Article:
Stout Fire Pit: Student Reflection 3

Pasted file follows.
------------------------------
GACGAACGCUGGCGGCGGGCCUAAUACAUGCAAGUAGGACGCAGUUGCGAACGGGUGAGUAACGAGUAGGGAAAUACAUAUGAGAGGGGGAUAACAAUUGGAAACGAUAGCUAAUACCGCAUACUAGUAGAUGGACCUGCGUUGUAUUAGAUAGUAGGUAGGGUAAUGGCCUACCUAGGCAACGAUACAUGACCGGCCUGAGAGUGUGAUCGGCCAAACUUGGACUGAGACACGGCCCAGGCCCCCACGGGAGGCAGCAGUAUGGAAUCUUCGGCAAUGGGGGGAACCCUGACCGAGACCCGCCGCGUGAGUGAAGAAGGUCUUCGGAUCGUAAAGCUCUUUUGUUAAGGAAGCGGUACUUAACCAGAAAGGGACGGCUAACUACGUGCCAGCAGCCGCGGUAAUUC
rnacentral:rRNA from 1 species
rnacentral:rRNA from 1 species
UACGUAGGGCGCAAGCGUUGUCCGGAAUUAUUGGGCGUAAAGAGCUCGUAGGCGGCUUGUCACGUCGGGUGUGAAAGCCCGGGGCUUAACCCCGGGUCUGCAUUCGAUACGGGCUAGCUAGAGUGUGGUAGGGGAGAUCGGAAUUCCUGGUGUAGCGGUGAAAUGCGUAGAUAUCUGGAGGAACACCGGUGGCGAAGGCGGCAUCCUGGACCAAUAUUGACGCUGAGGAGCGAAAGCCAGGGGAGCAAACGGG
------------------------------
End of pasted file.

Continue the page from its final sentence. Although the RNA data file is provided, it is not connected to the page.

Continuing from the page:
“As I laid in my sleeping bag, the only sounds I could hear were that of a crackling fire, hushed voices, and a strong Indiana breeze blowing through the treetops. These were the last sensory memories I had of spending a night out at Stout Meetinghouse with four other Earlham students. I was a volunteer for an activity that focused on cultivating an experience in the borderlands – areas of land that are often kept out of the human eye. I’m an Environmental Studies senior at which means I have experience talking about the “adventures of the everyday”, urban nature, and the suburban escape. However, it’s been about a year and a half since I spent much time around the periphery of Earlham’s campus. Earlham is very unique because it offers students the opportunity to escape into trails that meander through patches of forest and streams that are a fifteen minute walk from the dormitories.  However, I never acknowledged the significance that a lonely fire pit out by our Quaker Meetinghouse had. That night, I slept down at the fire pit that lies at the bottom of a series of hills. Coincidentally, it is also located directly across from a cemetery with a meager wire fence being the only barrier between cemetery and Earlham property. The fire pit itself is framed by a wide ring of sheet metal and is filled with the ashes of previous fires along with various debris. A neat pile of chopped and foraged logs sits beside the fire pit while native trees surround you and block one’s view into the outside world. As we sat around the fire listening to the sounds of the logs crackling, I realized that I couldn’t hear anything outside of that fire pit. The strong breeze blew the tree tops together. Perhaps, once in awhile I heard a truck blow by on the nearby highway however I had trouble differentiating between a truck and a breeze. Staring at the fire dimmed our vision and any hope of seeing through the trees into what laid beyond. On a sensory level, I was in a completely different place then I was a mere thirty minutes earlier. I had been practicing for a series of skits in Goddard auditorium. The auditorium was filled with lights, loud music, and numerous raucous seniors. However, I soon as I grabbed my sleeping bag and pad and walked through a little path down to the fire pit, I had not realized I had entered this new place. I would say that this place was a “place” and not merely a “space” because I was feeling a connection to where I was sitting. This place offered momentary solitude from the commotion of the everyday college student while being extremely accessible. My experience there gave me insight into how we define “solitude” and “wilderness”. Being an outdoor education instructor at Earlham, I know that the conventional location to achieve solitude is in a place far away from human society and its traces. However, what do we get from that experience that is more than my experience at the Stout fire pit? How do we compensate for the expenses and exclusive nature of wilderness-based education while knowing that far more accessible locations could offer the same merits that we seek?”

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